Die, Monster, Die! (1965)

die monster die poster 1965 movie
6.5 Overall Score
Story: 6/10
Acting: 7/10
Visuals: 7/10

Like the adapted story

Tough story to adapts, so-so adaptation

Movie Info

Movie Name:  Die, Monster, Die!

Studio:  Alta Vista Productions

Genre(s):  Horror/Sci-Fi

Release Date(s):  October 27, 1965

MPAA Rating:  Not Rated

die monster die suzan farmer nick adams monsters

Your dad should just get a dog next time…

Stephen Reinhart (Nick Adams) has just come to marry his fiancée Susan Witley (Suzan Farmer) who lives in a country estate in Arkham, England.  The town has shunned the family and no one speaks of them…but no one will tell him why.  In the Witley home, Nick finds things are right.  Susan’s mother Letitia (Freda Jackson) remains in her room and there have been disappearances.  Susan’s father Nahum (Boris Karloff) hides things in the greenhouse and things seem to be getting worse.  As Nick and Susan learns the truth, the real horror begins.

Directed by Daniel Haller, Die, Monster, Die! is a horror film.  The movie is a loose adaptation of the H.P. Lovecraft story “The Colour Out of Space” from September 1927.  The film was originally released as a double feature with Planet of the Vampires.

die monster die letitia freda jackson

Excuse me…could you remove this mutation from my face?

“The Colour Out of Space” was a favorite of mine.  Stories of infection are always the most terrifying to me (even vampires, zombies, and werewolves boil down to infection), and Lovecraft’s story of a home infected by something from space taps into the idea of an unseen and unavoidable evil.  Die, Monster, Die! isn’t my favorite adaptation of the story, but it is a fun one.

The story surrounds Nick who is a stranger to the estate that has been suffering from bizarre sickness.  He’s an odd lead, and he comes off as a bit more brutish than I’d expect.  Nahum has the wheel as the scientist studying the strange phenomena surrounding the house, but story has an odd pacing.  It plays a bit like a Hammer horror movie, but it doesn’t really dive in completely to the horror of the story which feels like a mistake.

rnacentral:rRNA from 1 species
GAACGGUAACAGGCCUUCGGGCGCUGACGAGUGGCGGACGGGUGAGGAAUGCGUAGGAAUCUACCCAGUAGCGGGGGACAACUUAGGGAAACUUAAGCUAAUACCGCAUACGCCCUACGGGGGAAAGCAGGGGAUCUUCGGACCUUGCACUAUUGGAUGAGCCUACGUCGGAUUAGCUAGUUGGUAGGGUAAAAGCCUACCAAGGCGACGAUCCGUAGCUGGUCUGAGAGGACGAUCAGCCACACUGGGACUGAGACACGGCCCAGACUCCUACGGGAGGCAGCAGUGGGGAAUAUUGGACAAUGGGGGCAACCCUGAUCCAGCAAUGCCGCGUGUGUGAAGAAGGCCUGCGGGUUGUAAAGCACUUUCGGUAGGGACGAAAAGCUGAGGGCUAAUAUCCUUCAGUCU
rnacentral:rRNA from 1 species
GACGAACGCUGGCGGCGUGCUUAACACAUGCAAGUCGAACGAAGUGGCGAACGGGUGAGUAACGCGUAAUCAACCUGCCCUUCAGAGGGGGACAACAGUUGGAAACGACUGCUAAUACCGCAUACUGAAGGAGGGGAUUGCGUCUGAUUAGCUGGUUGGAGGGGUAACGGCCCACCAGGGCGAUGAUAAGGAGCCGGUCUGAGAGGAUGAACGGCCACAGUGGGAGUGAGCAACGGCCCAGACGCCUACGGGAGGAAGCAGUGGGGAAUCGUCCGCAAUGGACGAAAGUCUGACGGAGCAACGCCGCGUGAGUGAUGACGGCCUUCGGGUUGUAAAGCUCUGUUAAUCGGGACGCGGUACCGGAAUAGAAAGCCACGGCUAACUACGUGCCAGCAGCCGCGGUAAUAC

Karloff always will hold a movie simply because of his legacy and Die, Monster, Die! is no exception.  His character feels a bit minor, but it is always exciting when he’s on the screen.  Nick Adams isn’t a very compelling lead and Suzan Farmer also is underdeveloped.  Freda Jackson plays the crazed mother and Patrick Magee has a small role as the town doctor.

die monster die ending nahum witley boris karloff

Look out! We’re being attacked by Cybermen!

The movie has a few monsters, but the human creatures are the better creatures.  The radiation warps the people and transforms them…it takes loved ones and turns them into monsters.  There are a few odd monsters in the lab, but they are almost incidental.  The movie has decent atmosphere, but it is unbalanced.

Die, Monster, Die! is a different type of horror movie that has a heavy sci-fi influence.  There are monsters and a creeping horror, but it doesn’t feel like a lot of similar horror films.  Lovecraft’s crafted world doesn’t really factor in here and it is here that Die, Monster, Die! loses some of its potential power.  It is a tough story to adapt, and this film dos a so-so job.

Related Links:

The Curse (1987)

Colour Out of Space (2019)

Author: JPRoscoe View all posts by
Follow me on Twitter/Instagram/Letterboxd @JPRoscoe76! Loves all things pop-culture especially if it has a bit of a counter-culture twist. Plays video games (basically from the start when a neighbor brought home an Atari 2600), comic loving (for almost 30 years), and a true critic of movies. Enjoys the art house but also isn't afraid to let in one or two popular movies at the same time.

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